(Reuters) - Flint is the latest Michigan city to have its shaky finances lead to a declaration of a financial emergency and the possibility of a state takeover.
Governor Rick Snyder agreed with the findings of a state-appointed review team, which concluded that a financial emergency exists in Flint and recommended that the governor appoint an emergency manager to run the city, Terry Stanton, a spokesman for the Michigan Treasurer’s Office, said on Wednesday.
Stanton said the city can request a hearing or pass a resolution with a two-thirds vote of the city council authorizing the city to appeal the findings in Ingham County Circuit Court.
Flint Mayor Dayne Walling was not immediately available for comment. However, a news release posted on the city’s Web site on Wednesday said the city’s financial position has “significantly improved.” The operating deficit fell to $7.34 million from a previously projected $14.62 million, according to the release.
“The necessary reforms that have been implemented took time to demonstrate their benefit but now the savings are clear,” Walling said in a statement.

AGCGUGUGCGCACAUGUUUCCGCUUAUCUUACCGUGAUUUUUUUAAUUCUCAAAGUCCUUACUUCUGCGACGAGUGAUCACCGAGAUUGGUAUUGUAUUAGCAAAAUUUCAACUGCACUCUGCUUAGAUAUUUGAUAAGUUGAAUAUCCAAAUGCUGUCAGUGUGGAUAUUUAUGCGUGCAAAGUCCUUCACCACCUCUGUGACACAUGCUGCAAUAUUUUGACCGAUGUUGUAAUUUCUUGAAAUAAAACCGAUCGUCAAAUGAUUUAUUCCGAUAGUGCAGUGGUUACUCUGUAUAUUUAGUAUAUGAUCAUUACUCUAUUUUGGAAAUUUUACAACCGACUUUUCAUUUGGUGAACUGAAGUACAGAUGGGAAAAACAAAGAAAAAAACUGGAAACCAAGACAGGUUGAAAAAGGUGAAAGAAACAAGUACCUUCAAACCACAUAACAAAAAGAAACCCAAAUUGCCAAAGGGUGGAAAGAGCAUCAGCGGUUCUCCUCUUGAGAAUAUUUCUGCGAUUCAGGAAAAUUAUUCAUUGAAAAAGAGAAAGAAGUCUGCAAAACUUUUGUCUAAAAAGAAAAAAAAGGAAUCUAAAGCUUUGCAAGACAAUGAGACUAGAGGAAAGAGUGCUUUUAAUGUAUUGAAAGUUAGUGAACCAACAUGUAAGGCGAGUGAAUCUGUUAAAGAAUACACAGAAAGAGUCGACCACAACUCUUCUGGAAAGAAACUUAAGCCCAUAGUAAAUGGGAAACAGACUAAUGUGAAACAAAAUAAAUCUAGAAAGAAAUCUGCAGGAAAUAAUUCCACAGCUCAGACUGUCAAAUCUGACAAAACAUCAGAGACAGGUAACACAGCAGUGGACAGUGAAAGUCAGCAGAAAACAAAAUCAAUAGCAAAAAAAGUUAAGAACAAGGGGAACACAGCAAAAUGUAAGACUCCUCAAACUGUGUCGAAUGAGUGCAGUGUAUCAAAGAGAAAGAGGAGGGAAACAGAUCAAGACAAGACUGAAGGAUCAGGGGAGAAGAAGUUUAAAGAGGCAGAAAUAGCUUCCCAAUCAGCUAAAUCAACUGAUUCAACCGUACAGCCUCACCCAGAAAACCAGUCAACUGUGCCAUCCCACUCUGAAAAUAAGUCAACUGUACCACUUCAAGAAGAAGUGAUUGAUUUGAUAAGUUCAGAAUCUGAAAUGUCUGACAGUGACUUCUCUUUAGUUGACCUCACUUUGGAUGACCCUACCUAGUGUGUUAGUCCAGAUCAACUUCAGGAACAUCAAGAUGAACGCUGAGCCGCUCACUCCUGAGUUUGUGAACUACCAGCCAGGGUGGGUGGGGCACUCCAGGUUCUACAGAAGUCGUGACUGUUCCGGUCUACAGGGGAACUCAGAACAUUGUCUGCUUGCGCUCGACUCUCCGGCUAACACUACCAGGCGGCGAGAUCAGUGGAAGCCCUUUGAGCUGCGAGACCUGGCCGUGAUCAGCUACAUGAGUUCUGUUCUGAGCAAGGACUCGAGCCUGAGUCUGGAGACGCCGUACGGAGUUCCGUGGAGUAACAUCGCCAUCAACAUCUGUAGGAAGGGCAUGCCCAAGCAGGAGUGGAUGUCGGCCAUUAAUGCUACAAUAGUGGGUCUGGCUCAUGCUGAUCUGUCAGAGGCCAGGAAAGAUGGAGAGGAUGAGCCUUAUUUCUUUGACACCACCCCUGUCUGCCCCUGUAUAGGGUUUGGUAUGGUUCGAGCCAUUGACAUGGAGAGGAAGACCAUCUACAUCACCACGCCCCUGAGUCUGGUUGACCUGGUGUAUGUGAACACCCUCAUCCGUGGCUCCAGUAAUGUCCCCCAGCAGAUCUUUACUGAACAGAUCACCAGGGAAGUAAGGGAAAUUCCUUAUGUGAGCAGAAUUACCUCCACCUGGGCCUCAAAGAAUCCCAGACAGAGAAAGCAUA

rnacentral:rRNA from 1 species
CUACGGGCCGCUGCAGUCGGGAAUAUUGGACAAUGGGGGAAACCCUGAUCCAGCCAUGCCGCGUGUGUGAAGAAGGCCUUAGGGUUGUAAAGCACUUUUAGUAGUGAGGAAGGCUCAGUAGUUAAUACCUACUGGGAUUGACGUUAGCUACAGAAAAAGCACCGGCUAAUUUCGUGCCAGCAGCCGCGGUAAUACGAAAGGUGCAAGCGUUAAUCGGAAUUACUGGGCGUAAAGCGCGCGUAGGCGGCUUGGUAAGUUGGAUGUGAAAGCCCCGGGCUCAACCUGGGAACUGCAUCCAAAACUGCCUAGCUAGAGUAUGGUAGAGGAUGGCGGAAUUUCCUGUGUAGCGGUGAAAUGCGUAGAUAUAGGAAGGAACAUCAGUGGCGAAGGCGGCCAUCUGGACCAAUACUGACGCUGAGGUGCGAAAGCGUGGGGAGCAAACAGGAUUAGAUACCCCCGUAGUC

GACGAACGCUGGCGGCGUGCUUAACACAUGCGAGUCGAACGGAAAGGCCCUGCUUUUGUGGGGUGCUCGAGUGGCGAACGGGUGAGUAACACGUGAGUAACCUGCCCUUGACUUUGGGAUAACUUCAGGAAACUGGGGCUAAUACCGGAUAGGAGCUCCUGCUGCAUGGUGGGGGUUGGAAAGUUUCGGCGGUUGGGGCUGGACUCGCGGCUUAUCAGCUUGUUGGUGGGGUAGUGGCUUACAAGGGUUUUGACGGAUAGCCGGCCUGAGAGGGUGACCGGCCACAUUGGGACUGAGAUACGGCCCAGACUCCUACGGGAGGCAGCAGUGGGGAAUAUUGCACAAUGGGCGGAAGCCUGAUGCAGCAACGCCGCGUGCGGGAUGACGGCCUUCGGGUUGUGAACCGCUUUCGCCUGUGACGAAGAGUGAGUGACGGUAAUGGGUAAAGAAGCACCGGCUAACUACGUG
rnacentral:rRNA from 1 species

But Michigan’s review team concluded that the city, which is located about 60 miles northwest of Detroit, failed to follow deficit elimination plans submitted to the state treasurer’s office and currently lacks a “satisfactory” plan to fix its finances.
The team’s report, which was submitted to Snyder on Tuesday, also pointed out Flint’s general fund expenditures have exceeded revenue since 2007 and that the city has had deficits since 2008.
The city also recently issued $8 million of fiscal stabilization bonds to boost its cashflow, which continues to be strained, the report said.
Flint previously had an emergency financial manager from June 2002 through July 2004 and its financial emergency declaration was lifted in January 2006.
But a state law enacted in March increased the power of emergency managers, allowing them to modify or end collective bargaining agreements with public sector workers.
State-appointed managers are currently in place in the cities of Pontiac, Ecorse and Benton Harbor and for the Detroit Public Schools, while the Highland Park School District’s finances are under review.
Just last week Detroit Mayor Dave Bing said Michigan’s biggest city faces a projected cash shortfall of about $150 million by the end of March and warned about a state takeover.
On Tuesday, the mayor met with city union leaders on his request for concessions, including medical, pension and work rule changes, that would save Detroit $118 million annually.
“The mayor asked union leadership, which represents 48 separate bargaining groups, to form a steering committee and appoint a financial advisor to assess the City’s financial position,” said a statement from Bing’s office. “The mayor has opened up the books to the unions in hopes of reaching an agreement by November 21.”
Reporting by Karen Pierog in Chicago
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